Source: (2005) Thesis presented for the degree of LL.M at the University of Aberdeen.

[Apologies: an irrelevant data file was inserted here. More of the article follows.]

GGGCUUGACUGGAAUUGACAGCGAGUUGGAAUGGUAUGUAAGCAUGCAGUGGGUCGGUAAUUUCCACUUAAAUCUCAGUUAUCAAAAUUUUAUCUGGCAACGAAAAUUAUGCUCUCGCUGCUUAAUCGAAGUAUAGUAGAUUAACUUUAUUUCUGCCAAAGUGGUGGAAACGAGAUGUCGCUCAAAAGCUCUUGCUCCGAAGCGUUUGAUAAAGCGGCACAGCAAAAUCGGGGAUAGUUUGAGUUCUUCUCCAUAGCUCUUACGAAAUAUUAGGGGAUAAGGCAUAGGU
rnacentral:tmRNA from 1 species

Rwanda experienced horrific genocide in 1994. In its aftermath, national and international trials were established but these trials failed to deal expeditiously with the large numbers of suspects awaiting trial. To combat this, Rwanda introduced an innovative participative justice mechanism, Gacaca. Modern Gacaca is based on a traditional Rwandan restorative justice mechanism of the same name. Its rooting in Rwanda's history makes Gacaca a much more acceptable form of justice to the Rwandan people than international trials given the international community's abandonment of Rwanda during the genocide. While Gacaca falls short of many international fair trial standards it remains Rwanda’s best hope as a wholly Rwandan process. But, Gacaca is more than just a judicial instrument, it has restorative justice at its origin and seeks, as its ultimate aim, to reconcile Rwanda’s divided communities. To reach this aim, Gacaca has several other objectives including discovering the truth of what happened in 1994, ending impunity which has plagued Rwanda since independence and allowing the Rwandan population to participate in the search for justice at a local level. This thesis studies the importance of these aims to Gacaca and whether the Gacaca courts are meeting their optimistic objectives in order to evaluate whether Gacaca is succeeding in Rwanda. Research was conducted through interviews throughout Rwanda and much civil society research was studied as well as material discussing the objectives from a more conceptual perspective. (author's abstract)

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